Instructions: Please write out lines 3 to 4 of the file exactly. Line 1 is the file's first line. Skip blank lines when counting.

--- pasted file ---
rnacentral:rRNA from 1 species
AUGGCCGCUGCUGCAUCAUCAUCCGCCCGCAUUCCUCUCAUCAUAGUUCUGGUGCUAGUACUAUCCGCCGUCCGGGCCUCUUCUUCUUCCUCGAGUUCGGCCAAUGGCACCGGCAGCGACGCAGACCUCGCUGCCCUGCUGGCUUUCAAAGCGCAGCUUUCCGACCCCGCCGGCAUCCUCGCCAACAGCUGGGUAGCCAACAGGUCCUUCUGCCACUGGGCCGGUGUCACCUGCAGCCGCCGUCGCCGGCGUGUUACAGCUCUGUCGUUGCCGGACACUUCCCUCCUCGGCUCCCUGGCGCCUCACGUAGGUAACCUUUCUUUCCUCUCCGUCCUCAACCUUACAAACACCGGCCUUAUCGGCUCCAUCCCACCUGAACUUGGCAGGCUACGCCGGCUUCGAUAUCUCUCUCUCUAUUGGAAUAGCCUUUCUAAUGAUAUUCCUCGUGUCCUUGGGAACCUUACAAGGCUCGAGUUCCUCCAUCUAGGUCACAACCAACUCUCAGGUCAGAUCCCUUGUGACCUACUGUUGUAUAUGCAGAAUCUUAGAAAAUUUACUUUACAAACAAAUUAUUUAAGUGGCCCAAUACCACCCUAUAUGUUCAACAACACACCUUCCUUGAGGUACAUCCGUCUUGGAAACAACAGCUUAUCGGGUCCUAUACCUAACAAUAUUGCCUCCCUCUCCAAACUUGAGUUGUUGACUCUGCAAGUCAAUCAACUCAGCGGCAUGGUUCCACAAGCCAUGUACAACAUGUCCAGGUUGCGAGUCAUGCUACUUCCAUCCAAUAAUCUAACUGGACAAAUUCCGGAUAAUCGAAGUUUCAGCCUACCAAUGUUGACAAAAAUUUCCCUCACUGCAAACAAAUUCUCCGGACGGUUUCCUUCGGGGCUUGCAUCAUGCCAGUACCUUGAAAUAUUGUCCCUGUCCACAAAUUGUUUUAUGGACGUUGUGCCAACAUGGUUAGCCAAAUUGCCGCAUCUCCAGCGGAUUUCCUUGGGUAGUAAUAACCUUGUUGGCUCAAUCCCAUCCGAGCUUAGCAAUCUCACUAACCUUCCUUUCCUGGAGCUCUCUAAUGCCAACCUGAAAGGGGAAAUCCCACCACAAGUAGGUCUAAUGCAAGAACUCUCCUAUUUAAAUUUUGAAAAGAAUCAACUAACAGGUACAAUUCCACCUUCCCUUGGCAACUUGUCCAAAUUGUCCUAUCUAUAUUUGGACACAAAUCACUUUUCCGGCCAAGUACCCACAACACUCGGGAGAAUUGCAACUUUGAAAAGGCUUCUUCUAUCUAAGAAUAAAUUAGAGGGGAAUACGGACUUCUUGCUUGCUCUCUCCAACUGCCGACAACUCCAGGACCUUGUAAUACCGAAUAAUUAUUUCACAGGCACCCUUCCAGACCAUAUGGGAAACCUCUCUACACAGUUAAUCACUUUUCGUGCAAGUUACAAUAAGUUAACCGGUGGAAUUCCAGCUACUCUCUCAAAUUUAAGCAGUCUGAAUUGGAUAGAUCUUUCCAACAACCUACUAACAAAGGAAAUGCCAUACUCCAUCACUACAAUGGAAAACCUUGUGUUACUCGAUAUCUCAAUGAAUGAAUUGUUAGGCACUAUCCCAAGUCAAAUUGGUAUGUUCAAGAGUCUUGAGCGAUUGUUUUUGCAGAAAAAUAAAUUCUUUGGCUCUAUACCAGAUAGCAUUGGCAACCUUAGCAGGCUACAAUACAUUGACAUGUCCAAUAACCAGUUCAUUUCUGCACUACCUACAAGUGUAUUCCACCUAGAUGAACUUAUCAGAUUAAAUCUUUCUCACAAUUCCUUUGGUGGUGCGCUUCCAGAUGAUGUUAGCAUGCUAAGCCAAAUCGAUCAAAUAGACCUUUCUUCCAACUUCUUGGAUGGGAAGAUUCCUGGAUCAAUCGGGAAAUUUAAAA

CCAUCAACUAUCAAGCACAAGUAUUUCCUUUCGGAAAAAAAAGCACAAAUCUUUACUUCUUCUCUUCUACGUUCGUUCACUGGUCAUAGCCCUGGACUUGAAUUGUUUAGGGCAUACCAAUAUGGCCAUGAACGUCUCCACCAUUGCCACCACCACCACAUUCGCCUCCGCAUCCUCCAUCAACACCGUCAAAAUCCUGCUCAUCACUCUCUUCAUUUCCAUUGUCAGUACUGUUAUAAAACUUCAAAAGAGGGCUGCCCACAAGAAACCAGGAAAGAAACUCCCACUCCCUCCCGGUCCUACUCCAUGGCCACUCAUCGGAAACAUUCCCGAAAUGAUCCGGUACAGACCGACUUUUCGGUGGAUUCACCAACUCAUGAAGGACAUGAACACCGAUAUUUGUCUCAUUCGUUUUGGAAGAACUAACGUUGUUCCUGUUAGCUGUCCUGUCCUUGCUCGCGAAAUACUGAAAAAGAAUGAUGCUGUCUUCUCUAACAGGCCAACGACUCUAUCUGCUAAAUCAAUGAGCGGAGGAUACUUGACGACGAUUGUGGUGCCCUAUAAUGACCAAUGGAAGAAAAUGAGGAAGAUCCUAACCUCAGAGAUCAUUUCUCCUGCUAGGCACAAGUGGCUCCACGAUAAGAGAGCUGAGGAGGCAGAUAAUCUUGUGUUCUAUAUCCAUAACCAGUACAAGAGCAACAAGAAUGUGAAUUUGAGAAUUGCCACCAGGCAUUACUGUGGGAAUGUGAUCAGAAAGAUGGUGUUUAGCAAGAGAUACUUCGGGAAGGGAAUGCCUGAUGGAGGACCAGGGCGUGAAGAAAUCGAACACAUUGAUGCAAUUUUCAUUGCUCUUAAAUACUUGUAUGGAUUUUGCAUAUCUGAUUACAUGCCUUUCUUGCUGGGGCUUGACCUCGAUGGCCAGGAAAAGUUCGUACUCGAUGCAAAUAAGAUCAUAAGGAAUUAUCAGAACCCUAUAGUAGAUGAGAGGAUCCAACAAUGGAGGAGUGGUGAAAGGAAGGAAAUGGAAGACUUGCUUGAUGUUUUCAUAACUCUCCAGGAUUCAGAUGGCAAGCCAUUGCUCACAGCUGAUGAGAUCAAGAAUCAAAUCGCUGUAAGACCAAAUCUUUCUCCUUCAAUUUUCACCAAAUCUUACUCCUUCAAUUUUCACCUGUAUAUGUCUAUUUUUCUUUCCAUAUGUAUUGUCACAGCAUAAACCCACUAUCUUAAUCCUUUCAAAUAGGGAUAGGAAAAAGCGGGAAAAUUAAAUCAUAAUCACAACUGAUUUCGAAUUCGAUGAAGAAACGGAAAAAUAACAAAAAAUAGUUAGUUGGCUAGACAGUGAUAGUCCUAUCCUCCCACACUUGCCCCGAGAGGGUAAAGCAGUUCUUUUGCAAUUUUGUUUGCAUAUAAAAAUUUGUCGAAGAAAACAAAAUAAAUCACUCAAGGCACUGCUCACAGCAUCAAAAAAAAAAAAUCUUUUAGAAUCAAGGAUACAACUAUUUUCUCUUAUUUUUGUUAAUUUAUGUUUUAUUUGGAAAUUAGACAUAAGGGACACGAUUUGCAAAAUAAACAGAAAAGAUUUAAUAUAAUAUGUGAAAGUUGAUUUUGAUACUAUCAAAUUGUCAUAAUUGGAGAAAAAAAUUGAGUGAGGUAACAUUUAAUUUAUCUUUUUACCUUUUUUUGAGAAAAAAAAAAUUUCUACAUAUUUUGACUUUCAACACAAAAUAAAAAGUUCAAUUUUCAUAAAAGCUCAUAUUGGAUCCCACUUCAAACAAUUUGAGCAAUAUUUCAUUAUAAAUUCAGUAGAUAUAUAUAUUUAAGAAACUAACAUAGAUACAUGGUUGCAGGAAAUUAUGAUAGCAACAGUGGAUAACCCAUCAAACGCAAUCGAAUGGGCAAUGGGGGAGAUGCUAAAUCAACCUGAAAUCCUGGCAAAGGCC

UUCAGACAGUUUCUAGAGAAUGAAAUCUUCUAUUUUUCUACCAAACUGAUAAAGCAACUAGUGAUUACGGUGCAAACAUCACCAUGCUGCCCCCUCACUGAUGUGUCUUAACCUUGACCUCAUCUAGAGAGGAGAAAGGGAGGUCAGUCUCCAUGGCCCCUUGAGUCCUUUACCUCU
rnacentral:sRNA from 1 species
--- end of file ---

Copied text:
CCAUCAACUAUCAAGCACAAGUAUUUCCUUUCGGAAAAAAAAGCACAAAUCUUUACUUCUUCUCUUCUACGUUCGUUCACUGGUCAUAGCCCUGGACUUGAAUUGUUUAGGGCAUACCAAUAUGGCCAUGAACGUCUCCACCAUUGCCACCACCACCACAUUCGCCUCCGCAUCCUCCAUCAACACCGUCAAAAUCCUGCUCAUCACUCUCUUCAUUUCCAUUGUCAGUACUGUUAUAAAACUUCAAAAGAGGGCUGCCCACAAGAAACCAGGAAAGAAACUCCCACUCCCUCCCGGUCCUACUCCAUGGCCACUCAUCGGAAACAUUCCCGAAAUGAUCCGGUACAGACCGACUUUUCGGUGGAUUCACCAACUCAUGAAGGACAUGAACACCGAUAUUUGUCUCAUUCGUUUUGGAAGAACUAACGUUGUUCCUGUUAGCUGUCCUGUCCUUGCUCGCGAAAUACUGAAAAAGAAUGAUGCUGUCUUCUCUAACAGGCCAACGACUCUAUCUGCUAAAUCAAUGAGCGGAGGAUACUUGACGACGAUUGUGGUGCCCUAUAAUGACCAAUGGAAGAAAAUGAGGAAGAUCCUAACCUCAGAGAUCAUUUCUCCUGCUAGGCACAAGUGGCUCCACGAUAAGAGAGCUGAGGAGGCAGAUAAUCUUGUGUUCUAUAUCCAUAACCAGUACAAGAGCAACAAGAAUGUGAAUUUGAGAAUUGCCACCAGGCAUUACUGUGGGAAUGUGAUCAGAAAGAUGGUGUUUAGCAAGAGAUACUUCGGGAAGGGAAUGCCUGAUGGAGGACCAGGGCGUGAAGAAAUCGAACACAUUGAUGCAAUUUUCAUUGCUCUUAAAUACUUGUAUGGAUUUUGCAUAUCUGAUUACAUGCCUUUCUUGCUGGGGCUUGACCUCGAUGGCCAGGAAAAGUUCGUACUCGAUGCAAAUAAGAUCAUAAGGAAUUAUCAGAACCCUAUAGUAGAUGAGAGGAUCCAACAAUGGAGGAGUGGUGAAAGGAAGGAAAUGGAAGACUUGCUUGAUGUUUUCAUAACUCUCCAGGAUUCAGAUGGCAAGCCAUUGCUCACAGCUGAUGAGAUCAAGAAUCAAAUCGCUGUAAGACCAAAUCUUUCUCCUUCAAUUUUCACCAAAUCUUACUCCUUCAAUUUUCACCUGUAUAUGUCUAUUUUUCUUUCCAUAUGUAUUGUCACAGCAUAAACCCACUAUCUUAAUCCUUUCAAAUAGGGAUAGGAAAAAGCGGGAAAAUUAAAUCAUAAUCACAACUGAUUUCGAAUUCGAUGAAGAAACGGAAAAAUAACAAAAAAUAGUUAGUUGGCUAGACAGUGAUAGUCCUAUCCUCCCACACUUGCCCCGAGAGGGUAAAGCAGUUCUUUUGCAAUUUUGUUUGCAUAUAAAAAUUUGUCGAAGAAAACAAAAUAAAUCACUCAAGGCACUGCUCACAGCAUCAAAAAAAAAAAAUCUUUUAGAAUCAAGGAUACAACUAUUUUCUCUUAUUUUUGUUAAUUUAUGUUUUAUUUGGAAAUUAGACAUAAGGGACACGAUUUGCAAAAUAAACAGAAAAGAUUUAAUAUAAUAUGUGAAAGUUGAUUUUGAUACUAUCAAAUUGUCAUAAUUGGAGAAAAAAAUUGAGUGAGGUAACAUUUAAUUUAUCUUUUUACCUUUUUUUGAGAAAAAAAAAAUUUCUACAUAUUUUGACUUUCAACACAAAAUAAAAAGUUCAAUUUUCAUAAAAGCUCAUAUUGGAUCCCACUUCAAACAAUUUGAGCAAUAUUUCAUUAUAAAUUCAGUAGAUAUAUAUAUUUAAGAAACUAACAUAGAUACAUGGUUGCAGGAAAUUAUGAUAGCAACAGUGGAUAACCCAUCAAACGCAAUCGAAUGGGCAAUGGGGGAGAUGCUAAAUCAACCUGAAAUCCUGGCAAAGGCC

UUCAGACAGUUUCUAGAGAAUGAAAUCUUCUAUUUUUCUACCAAACUGAUAAAGCAACUAGUGAUUACGGUGCAAACAUCACCAUGCUGCCCCCUCACUGAUGUGUCUUAACCUUGACCUCAUCUAGAGAGGAGAAAGGGAGGUCAGUCUCCAUGGCCCCUUGAGUCCUUUACCUCU